Blender - John DeFore
[Nelson and Price] are in top voice on country's finest standards.

[Nelson and Price] are in top voice on country's finest standards.
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Product Details

  • Release Date: 6/24/2003
  • Label: SONY
  • UPC: 696998926424
  • Catalog Number: 89264

Album Credits

Performance Credits
Willie Nelson Primary Artist, Guitar, Vocals
Ray Price Primary Artist, Vocals
Buddy Emmons Steel Guitar
Crystal Gayle Background Vocals
Johnny Gimble Fiddle
Leon Russell Piano
Grady Martin Guitar
Mickey Raphael Harmonica
Moses Calderon Keyboards, Vibes
Paul English Drums
Chris Ethridge Bass
Jody Payne Guitar
Bee Spears Bass
Technical Credits
Willie Nelson Producer
Joseph M. Palmaccio Engineer
Billy Jack Wills Composer
Bradley Hartman Engineer
Rich Kienzle Liner Notes
Al Quaglieri Reissue Producer
Norman Seeff Original Photography
Virginia Team Art Direction
Howard Fritzson Art Direction
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  • Anonymous

    Posted October 1, 2010

    Tour de force return to honky tonk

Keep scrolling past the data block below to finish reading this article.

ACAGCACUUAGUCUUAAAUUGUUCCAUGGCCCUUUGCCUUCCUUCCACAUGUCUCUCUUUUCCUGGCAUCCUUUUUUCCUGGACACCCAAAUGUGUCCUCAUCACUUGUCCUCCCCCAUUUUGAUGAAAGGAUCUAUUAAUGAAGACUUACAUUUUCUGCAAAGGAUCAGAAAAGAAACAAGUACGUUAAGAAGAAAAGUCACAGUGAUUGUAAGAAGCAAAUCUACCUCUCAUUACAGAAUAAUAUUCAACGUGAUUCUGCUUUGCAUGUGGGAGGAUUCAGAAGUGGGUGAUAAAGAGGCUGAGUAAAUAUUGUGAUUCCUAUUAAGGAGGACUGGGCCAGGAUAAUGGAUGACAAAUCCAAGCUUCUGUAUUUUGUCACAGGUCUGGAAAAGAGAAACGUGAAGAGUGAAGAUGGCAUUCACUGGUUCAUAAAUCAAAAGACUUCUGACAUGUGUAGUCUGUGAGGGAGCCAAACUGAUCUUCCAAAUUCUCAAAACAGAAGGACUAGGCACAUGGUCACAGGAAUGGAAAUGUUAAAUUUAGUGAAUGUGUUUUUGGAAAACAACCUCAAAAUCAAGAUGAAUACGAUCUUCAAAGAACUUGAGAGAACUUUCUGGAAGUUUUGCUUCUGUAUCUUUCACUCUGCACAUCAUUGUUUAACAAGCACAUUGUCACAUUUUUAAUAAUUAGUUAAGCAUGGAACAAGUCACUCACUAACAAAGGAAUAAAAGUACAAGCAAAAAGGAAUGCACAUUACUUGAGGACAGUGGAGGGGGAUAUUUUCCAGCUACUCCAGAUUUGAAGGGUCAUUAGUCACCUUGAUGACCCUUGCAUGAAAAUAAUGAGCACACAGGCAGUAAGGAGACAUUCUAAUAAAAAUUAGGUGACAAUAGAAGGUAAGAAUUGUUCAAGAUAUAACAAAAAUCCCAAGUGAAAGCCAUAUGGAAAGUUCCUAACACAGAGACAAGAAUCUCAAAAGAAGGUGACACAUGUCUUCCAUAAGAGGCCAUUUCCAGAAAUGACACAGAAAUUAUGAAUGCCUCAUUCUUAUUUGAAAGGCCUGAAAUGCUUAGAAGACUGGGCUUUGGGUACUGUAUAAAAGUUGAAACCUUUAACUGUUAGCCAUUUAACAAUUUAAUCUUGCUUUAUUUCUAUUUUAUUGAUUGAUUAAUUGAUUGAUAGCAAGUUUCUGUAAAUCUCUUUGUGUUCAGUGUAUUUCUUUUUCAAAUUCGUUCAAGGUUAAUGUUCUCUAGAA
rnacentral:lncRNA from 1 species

When F. Scott Fitzgerald said "there are no second acts in American lives," he clearly didn’t anticipate how country music stars could slip away from their roots, chase their commercial fortunes to the pop charts, and return with a vengeance to that which made them famous in the first place. Others may have retransitioned more recently (e.g., Dolly Parton’s recent mountain-inspired work), but few have so convincingly demonstrated their early powers to still be intact as did Ray Price with this 1980 release. ¶ Having inherited Hank Williams backing band upon Williams’ death in 1953, Price bucked Nashville’s drift towards pop with hard-edged, drum-fueled, honky-tonk tunes like "Crazy Arms" and minted his iconic 4/4 shuffle beat. Ironically, as his interests expanded to pop balladry, he was both vilified and commercially rewarded for hits like 1970’s "For the Good Times." ¶ Though he had the occasional chart breakthrough, such as 1977’s "Mansion on the Hill," Price’s fortunes were trending down through the end of the decade. It was at this point that he reunited with his former bass player, Willie Nelson, and other key members of his earlier backing bands for these sessions, hitting with "Faded Love," and minting a stirring, re-energizing album. ¶ Nelson brings his usual eclecticism to bear, from his idiosyncratic phrasing and gut-string guitar picking, to sophisticated, jazzy arrangements of songs like "Night Life" (which Price originally released as a single in 1963). The smoothness of Price’s voice, tempered by his years as a crooner, fits surprisingly well with the reedier tone of Nelson. ¶ Album highlights include the title track’s superb dancehall shuffle (revisiting a Bob Wills song that Price and Nelson had first recorded together in 1961 -- in the same studio!), the weeping steel ballad "Don’t You Ever Get Tired (Of Hurting Me)," and a a signature take (and a top-5 hit single) of "Faded Love," with haunting fiddle from ex-Texas playboy, Johnny Gimble. Also on board are one-time Price steel player Buddy Emmons, and ace studio players like Grady Martin and Leon Russell. ¶ It’s hard to imagine this record could have come out any better. The creative union of Nelson and Price plays to all of their strengths, re-energizes songs that both of them had played and recorded over nearly two decades, and provides each an opportunity to bask in the light of their combined success. Columbia Legacy’s reissue adds two previously unreleased tracks, the first reprising Price’s 1965 recording of "Just Call me Lonesome," the second providing a solo take of Nelson singing the western swing "My Life’s Been a Pleasure." Both are good spins, and Rich Kienzle’s new liner notes are informative, but it’s the original eleven tracks that make this a five-star album. ¶ Tech note: the Extended CD Features caused a Windows 2000 laptop to lock-up until the CD was manually ejected, and provided no usable extra features on a Macintosh G3 with MacOS 8.6.